Through the Summer and Autumn I had ridden two short Sportives organised by Sportive HQ, and hadn’t really paid any attention to their more demanding rides. By coincidence, over the Christmas period of 2017 I was challenged by one of our Son-in-Laws to complete the 100 mile ride as opposed to the shorter one, at the Flat n Fast 100 Sportive in June 2018; I was now committed to the 100 mile ride. I fully expected to be the last one of our group of four to finish the ride, and by way of compensation, I wanted to take something positive from the experience. Dementia is a truly awful condition and one that seems to be affecting a growing number of people and families. This was my opportunity to play my part, albeit a very small part, in helping to raise funds for what is truly a most deserving cause.
After accepting the Flat n Fast 100 “challenge” my first step was to search online for articles about successful cycling for people in their fifties. This led me to the “Time Crunched Cyclist” by Chris Carmichael which promised to fulfil my objectives of improving my performance with only limited time available. I read probably half-way through the book when he commented that the “Time Crunched Training Programme” works, but not as effectively as having a local qualified coach. I had heard of Vicky Loftus, a local coach who devoted a lot of her time in our local community to supporting inexperienced riders and children to be able to cycle confidently and competently.
I contacted Vicky in early February and she agreed to support me with training for the ride. I promptly received the outline of a 16 week training plan and at the end of each week a revised plan for the subsequent week. My main concern was that I may not be able to actually ride 100 miles and how disappointing that would be for the people who I hoped would sponsor me. My goal was to ride the 100 miles within a moving time of 6 hours, and this was specifically what Vicky’s plan focused on. The training was gruelling and involved being on my bike by 6:00a.m.five days a week with different training goals depending on my previous week’s performance. In the last five weeks prior to the Sportive I cycled just over 1,000 miles followed by a short period of recovery prior to the big day.
Despite the earlier forecasts for June 2nd looking very promising the weather didn’t disappoint; it started with a light drizzle and within an hour heavy rain. It was a very demanding ride and when the going got really tough I concentrated on the goal of being able to raise as much money as I could, and not completing the 100 miles just wasn’t an option. The weather improved in the second half of the ride and by 75 miles I had just about “dried off”. I don’t recall ever being quite so filthy but at least it started to flake off as my clothing dried.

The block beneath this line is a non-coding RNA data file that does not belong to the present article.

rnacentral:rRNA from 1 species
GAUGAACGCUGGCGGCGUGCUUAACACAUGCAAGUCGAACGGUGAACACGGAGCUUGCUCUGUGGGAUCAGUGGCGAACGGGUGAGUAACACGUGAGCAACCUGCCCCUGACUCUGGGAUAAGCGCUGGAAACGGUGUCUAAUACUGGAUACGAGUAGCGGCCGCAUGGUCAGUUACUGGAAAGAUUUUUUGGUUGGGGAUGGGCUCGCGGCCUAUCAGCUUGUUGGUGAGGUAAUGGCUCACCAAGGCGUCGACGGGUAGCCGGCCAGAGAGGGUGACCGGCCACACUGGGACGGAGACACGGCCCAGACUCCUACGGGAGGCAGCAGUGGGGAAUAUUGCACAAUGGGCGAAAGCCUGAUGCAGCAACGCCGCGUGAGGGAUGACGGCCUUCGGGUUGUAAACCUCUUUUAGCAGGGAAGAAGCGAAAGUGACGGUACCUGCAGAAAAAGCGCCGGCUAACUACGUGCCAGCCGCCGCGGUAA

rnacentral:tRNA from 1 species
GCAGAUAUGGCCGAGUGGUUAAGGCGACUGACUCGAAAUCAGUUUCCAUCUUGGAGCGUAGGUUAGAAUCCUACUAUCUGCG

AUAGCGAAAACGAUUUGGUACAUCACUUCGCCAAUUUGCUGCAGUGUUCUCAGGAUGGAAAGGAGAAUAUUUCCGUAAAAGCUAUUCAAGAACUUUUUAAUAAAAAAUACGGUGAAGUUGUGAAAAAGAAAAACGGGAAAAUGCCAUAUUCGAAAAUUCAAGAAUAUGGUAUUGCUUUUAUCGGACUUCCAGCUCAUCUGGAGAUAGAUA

As I rode through the finishing line I hardly dare look at my cycling computer, but there it was; 100 miles in 5 hours 32 minutes. Quite unexpectedly, as I approached the finishing line I was almost overwhelmed by emotion and I’m still not quite sure why. I was desperate to complete the 100 miles, conscious of the fact that my sponsors had donated on this basis, and I think it was this relief on finishing that prompted the emotion.
The following Monday Rose came to see how I’d got on and what the sponsorship to date was. Within 10 minutes of her leaving our office the total raised had doubled. After my JustGiving page closed the total raised had reached £1,222.25; far beyond my original expectations. In one of her final emails my contact at Dementia U.K., Rosie Watson, quoted Janet a dementia sufferer,
“My Admiral Nurse was the one who comforted me, who listened in a compassionate manner, who advised and gave me information that other professionals had failed to supply, who found the time to try and explain and understand my mental turmoil. Knowing that she is there for me is a great reassurance. Words cannot express my debt to the Admiral Nurse” Janet.
I didn’t approach my AAT students directly but Premier Training’s Facebook page had updates on my training progress and I was genuinely touched by the number of my students that sponsored me.
(Premier Training Tutor)